I was first introduced to shibari in 2007 and have been immersed in it ever since.
 My interest was initially sparked by the aesthetic of shibari; the seemingly organic structure of rope melding with flesh in the works of Araki, and other artists whose works I had collected in scraps from the few Japanese publications available.
As I began to practice it myself I also found an interest in exploring the potential of ropes to open up new ways to connect with the body, with other people, and the effects of pushing myself into seemingly ‘extreme’ psychological and physical states.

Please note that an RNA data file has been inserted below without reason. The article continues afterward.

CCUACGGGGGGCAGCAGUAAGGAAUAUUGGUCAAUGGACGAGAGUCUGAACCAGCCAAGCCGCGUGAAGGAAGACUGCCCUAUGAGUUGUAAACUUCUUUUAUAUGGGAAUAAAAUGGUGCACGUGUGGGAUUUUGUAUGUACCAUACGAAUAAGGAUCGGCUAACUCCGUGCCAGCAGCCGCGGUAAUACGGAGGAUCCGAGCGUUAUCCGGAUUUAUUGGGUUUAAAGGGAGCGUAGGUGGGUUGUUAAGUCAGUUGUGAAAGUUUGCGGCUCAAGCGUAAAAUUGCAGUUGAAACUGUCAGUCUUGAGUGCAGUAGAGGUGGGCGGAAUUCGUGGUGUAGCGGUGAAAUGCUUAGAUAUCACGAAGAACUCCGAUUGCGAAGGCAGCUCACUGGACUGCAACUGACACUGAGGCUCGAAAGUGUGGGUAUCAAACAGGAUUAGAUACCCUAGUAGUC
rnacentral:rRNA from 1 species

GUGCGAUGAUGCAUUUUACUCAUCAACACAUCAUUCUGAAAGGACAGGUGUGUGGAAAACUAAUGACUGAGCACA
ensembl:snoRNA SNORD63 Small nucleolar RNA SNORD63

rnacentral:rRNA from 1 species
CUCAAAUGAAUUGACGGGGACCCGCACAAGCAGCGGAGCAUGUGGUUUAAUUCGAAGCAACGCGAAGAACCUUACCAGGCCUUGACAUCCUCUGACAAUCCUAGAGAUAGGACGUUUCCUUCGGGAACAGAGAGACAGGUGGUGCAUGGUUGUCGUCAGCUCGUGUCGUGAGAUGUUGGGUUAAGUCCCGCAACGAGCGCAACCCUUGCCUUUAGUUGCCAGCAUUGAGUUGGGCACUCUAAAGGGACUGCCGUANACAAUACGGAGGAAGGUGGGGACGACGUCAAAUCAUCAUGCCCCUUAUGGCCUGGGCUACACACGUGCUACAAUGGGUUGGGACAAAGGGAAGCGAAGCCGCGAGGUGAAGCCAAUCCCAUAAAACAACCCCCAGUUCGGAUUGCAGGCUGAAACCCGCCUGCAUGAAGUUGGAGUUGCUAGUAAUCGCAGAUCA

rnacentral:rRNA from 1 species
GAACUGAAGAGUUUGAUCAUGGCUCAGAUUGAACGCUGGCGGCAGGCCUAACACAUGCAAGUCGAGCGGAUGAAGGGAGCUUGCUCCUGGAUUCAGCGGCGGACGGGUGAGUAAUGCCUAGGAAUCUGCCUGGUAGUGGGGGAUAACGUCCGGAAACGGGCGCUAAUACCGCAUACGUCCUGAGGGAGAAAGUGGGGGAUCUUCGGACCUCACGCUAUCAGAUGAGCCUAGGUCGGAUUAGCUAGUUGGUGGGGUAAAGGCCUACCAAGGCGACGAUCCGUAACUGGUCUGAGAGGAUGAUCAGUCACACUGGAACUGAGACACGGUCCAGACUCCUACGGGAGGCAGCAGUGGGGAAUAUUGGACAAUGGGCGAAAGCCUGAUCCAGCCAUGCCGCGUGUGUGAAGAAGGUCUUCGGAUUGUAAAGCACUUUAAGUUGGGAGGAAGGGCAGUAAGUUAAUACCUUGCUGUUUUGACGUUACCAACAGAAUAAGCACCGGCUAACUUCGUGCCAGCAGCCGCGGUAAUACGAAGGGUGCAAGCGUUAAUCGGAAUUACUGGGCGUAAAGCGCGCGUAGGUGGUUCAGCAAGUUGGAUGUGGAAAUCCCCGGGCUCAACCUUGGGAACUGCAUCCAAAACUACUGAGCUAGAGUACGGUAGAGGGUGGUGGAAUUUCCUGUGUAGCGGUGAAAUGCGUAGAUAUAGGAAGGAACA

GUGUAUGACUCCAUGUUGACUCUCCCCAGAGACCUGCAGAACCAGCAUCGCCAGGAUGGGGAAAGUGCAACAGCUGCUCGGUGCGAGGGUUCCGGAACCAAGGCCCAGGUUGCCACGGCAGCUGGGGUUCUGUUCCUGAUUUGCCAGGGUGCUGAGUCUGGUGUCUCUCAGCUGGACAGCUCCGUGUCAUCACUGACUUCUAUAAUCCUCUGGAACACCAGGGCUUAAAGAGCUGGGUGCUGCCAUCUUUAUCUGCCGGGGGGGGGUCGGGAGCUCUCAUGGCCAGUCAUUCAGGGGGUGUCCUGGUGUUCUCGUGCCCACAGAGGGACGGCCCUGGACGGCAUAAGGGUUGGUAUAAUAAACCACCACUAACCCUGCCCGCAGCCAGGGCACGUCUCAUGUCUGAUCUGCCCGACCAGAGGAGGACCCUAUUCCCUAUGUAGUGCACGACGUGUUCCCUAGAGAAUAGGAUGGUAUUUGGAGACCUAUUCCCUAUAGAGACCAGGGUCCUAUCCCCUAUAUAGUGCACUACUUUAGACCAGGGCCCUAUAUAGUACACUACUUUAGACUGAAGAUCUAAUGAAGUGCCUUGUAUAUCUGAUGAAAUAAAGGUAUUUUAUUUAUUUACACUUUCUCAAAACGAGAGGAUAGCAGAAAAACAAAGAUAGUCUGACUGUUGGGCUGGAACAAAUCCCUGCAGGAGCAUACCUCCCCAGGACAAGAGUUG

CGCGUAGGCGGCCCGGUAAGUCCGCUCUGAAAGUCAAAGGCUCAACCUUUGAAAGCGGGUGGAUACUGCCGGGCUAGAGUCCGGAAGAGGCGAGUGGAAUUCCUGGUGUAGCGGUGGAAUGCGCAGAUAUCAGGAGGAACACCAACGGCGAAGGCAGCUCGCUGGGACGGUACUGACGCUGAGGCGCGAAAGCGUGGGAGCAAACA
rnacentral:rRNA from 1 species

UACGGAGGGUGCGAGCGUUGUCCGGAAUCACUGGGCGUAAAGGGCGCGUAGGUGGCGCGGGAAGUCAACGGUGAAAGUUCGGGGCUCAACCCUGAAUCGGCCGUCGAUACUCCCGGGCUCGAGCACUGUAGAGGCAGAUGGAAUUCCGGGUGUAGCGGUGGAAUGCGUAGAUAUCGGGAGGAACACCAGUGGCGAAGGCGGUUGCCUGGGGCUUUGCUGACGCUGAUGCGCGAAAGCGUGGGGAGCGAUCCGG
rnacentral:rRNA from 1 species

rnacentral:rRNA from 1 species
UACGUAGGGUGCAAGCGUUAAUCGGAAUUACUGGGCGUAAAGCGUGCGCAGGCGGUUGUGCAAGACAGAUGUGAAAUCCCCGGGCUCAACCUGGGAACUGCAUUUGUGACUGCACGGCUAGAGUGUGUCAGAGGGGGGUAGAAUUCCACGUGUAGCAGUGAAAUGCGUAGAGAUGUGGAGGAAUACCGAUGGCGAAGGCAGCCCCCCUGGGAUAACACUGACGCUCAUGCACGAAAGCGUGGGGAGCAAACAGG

I began using shibari in performance in around 2009 and gradually developed an interest in impermanent structures, and the fragile balances found between us, our environment, and within intimate connections.
Although I see shibari very much as an art form, it is also important to me that it’s roots in pornography are not glossed over; I see it also as a powerful way of reconciling any perceived conflict between art and sex and exploring the relationship between the two.

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